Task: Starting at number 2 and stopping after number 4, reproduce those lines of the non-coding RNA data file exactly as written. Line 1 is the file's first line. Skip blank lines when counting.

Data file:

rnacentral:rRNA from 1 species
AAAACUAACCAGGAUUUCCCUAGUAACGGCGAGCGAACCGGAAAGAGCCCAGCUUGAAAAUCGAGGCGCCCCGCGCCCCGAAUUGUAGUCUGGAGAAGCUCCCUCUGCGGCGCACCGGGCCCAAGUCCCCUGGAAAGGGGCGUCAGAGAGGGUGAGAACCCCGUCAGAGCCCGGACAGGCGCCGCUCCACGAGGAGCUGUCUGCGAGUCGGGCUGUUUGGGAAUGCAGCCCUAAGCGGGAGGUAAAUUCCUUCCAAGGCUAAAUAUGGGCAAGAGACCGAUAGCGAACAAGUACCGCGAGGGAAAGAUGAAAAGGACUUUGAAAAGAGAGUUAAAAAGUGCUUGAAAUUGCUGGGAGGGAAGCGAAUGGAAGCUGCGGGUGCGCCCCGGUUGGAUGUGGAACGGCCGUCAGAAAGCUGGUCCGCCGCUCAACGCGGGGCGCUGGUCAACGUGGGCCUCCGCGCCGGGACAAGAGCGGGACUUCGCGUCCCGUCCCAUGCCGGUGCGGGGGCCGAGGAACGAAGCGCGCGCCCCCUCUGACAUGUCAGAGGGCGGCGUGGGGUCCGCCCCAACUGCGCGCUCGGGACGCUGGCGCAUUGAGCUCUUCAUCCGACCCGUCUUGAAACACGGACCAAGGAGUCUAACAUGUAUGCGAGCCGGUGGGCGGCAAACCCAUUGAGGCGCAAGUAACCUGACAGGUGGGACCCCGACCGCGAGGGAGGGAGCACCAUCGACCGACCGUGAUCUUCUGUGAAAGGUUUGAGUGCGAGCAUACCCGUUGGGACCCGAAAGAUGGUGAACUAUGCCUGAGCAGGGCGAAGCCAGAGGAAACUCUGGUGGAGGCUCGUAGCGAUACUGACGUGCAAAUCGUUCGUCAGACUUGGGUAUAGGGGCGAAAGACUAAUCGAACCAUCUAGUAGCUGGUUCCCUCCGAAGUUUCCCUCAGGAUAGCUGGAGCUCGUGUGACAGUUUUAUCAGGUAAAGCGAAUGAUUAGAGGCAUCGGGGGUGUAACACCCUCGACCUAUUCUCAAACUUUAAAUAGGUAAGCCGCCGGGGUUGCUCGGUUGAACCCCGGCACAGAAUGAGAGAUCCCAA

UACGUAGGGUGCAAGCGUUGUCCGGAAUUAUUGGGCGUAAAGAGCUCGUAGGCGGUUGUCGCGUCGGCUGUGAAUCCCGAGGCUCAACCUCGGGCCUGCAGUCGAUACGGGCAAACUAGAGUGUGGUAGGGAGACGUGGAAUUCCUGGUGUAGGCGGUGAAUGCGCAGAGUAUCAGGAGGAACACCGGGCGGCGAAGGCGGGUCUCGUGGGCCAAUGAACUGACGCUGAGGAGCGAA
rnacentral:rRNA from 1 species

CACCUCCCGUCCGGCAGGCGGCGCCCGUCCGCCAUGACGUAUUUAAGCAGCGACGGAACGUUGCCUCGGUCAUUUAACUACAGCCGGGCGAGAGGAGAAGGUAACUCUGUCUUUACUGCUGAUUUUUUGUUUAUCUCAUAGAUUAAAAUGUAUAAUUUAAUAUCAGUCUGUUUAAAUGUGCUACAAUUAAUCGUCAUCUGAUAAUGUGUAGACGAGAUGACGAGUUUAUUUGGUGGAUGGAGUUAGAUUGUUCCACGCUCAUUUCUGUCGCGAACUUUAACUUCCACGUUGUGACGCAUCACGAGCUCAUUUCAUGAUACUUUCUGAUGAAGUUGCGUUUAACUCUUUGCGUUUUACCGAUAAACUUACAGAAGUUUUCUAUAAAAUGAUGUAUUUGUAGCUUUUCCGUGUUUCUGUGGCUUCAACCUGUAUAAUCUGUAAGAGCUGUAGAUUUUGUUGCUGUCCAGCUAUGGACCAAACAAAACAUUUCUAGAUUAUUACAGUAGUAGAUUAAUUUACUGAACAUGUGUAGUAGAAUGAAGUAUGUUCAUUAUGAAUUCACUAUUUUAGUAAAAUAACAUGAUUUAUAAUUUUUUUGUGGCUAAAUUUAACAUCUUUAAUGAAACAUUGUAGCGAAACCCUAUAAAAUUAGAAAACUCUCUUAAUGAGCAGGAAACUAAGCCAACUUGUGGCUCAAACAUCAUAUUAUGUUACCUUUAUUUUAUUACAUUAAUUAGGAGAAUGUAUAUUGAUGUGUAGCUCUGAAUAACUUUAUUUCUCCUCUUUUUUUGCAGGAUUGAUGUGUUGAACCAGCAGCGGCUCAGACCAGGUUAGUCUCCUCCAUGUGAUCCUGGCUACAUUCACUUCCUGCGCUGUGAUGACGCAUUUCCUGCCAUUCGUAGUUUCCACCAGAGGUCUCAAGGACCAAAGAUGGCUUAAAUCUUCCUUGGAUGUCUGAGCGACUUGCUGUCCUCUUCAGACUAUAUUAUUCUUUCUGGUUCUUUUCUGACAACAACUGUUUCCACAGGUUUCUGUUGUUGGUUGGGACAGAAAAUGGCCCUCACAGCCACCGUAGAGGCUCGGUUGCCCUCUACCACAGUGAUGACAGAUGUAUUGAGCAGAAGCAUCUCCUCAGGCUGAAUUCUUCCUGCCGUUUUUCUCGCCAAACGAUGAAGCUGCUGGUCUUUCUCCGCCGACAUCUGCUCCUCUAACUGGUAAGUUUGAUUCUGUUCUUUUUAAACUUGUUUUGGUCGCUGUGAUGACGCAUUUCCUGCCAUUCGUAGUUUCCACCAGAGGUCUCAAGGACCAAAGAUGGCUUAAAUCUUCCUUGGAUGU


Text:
AAAACUAACCAGGAUUUCCCUAGUAACGGCGAGCGAACCGGAAAGAGCCCAGCUUGAAAAUCGAGGCGCCCCGCGCCCCGAAUUGUAGUCUGGAGAAGCUCCCUCUGCGGCGCACCGGGCCCAAGUCCCCUGGAAAGGGGCGUCAGAGAGGGUGAGAACCCCGUCAGAGCCCGGACAGGCGCCGCUCCACGAGGAGCUGUCUGCGAGUCGGGCUGUUUGGGAAUGCAGCCCUAAGCGGGAGGUAAAUUCCUUCCAAGGCUAAAUAUGGGCAAGAGACCGAUAGCGAACAAGUACCGCGAGGGAAAGAUGAAAAGGACUUUGAAAAGAGAGUUAAAAAGUGCUUGAAAUUGCUGGGAGGGAAGCGAAUGGAAGCUGCGGGUGCGCCCCGGUUGGAUGUGGAACGGCCGUCAGAAAGCUGGUCCGCCGCUCAACGCGGGGCGCUGGUCAACGUGGGCCUCCGCGCCGGGACAAGAGCGGGACUUCGCGUCCCGUCCCAUGCCGGUGCGGGGGCCGAGGAACGAAGCGCGCGCCCCCUCUGACAUGUCAGAGGGCGGCGUGGGGUCCGCCCCAACUGCGCGCUCGGGACGCUGGCGCAUUGAGCUCUUCAUCCGACCCGUCUUGAAACACGGACCAAGGAGUCUAACAUGUAUGCGAGCCGGUGGGCGGCAAACCCAUUGAGGCGCAAGUAACCUGACAGGUGGGACCCCGACCGCGAGGGAGGGAGCACCAUCGACCGACCGUGAUCUUCUGUGAAAGGUUUGAGUGCGAGCAUACCCGUUGGGACCCGAAAGAUGGUGAACUAUGCCUGAGCAGGGCGAAGCCAGAGGAAACUCUGGUGGAGGCUCGUAGCGAUACUGACGUGCAAAUCGUUCGUCAGACUUGGGUAUAGGGGCGAAAGACUAAUCGAACCAUCUAGUAGCUGGUUCCCUCCGAAGUUUCCCUCAGGAUAGCUGGAGCUCGUGUGACAGUUUUAUCAGGUAAAGCGAAUGAUUAGAGGCAUCGGGGGUGUAACACCCUCGACCUAUUCUCAAACUUUAAAUAGGUAAGCCGCCGGGGUUGCUCGGUUGAACCCCGGCACAGAAUGAGAGAUCCCAA

UACGUAGGGUGCAAGCGUUGUCCGGAAUUAUUGGGCGUAAAGAGCUCGUAGGCGGUUGUCGCGUCGGCUGUGAAUCCCGAGGCUCAACCUCGGGCCUGCAGUCGAUACGGGCAAACUAGAGUGUGGUAGGGAGACGUGGAAUUCCUGGUGUAGGCGGUGAAUGCGCAGAGUAUCAGGAGGAACACCGGGCGGCGAAGGCGGGUCUCGUGGGCCAAUGAACUGACGCUGAGGAGCGAA
rnacentral:rRNA from 1 species